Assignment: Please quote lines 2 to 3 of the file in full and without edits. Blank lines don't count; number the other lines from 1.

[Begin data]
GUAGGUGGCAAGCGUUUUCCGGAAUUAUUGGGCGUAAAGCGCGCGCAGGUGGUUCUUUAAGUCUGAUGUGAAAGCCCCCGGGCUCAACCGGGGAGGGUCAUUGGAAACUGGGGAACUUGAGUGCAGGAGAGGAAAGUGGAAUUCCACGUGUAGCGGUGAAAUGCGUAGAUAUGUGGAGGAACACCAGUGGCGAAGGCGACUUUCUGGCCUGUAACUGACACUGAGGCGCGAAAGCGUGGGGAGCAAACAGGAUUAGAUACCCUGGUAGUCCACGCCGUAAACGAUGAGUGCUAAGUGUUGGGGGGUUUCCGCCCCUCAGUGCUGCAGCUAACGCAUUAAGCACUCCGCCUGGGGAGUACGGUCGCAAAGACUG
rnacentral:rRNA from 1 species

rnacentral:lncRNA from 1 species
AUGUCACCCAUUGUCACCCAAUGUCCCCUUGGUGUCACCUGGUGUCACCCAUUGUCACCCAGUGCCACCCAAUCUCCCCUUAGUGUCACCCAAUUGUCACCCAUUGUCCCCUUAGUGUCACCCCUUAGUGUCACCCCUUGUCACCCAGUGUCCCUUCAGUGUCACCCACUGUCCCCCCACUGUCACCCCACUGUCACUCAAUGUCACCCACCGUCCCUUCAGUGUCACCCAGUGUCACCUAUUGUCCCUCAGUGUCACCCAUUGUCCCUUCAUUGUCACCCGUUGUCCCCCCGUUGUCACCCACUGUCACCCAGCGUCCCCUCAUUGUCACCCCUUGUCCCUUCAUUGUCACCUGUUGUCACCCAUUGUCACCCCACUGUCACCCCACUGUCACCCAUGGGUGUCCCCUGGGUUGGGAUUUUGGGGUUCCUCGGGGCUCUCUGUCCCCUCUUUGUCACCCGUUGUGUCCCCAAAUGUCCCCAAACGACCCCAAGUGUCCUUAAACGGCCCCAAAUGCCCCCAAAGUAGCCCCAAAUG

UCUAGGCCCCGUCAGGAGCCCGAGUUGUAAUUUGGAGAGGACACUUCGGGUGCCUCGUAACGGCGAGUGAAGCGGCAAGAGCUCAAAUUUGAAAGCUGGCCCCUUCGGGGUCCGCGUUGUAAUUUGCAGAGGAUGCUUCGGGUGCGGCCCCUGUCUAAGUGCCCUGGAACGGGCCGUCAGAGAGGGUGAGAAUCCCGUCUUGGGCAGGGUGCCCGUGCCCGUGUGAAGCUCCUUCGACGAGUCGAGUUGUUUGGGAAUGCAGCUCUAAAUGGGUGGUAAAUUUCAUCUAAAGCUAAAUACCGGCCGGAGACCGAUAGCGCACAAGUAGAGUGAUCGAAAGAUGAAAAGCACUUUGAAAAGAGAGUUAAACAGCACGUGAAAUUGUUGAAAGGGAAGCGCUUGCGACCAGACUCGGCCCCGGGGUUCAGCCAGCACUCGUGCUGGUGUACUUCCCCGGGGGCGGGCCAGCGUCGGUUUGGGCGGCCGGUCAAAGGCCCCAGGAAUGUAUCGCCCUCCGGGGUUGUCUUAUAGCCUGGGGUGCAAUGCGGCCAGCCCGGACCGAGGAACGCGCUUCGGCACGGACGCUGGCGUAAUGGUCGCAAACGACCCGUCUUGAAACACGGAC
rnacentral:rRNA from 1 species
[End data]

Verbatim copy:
rnacentral:rRNA from 1 species

rnacentral:lncRNA from 1 species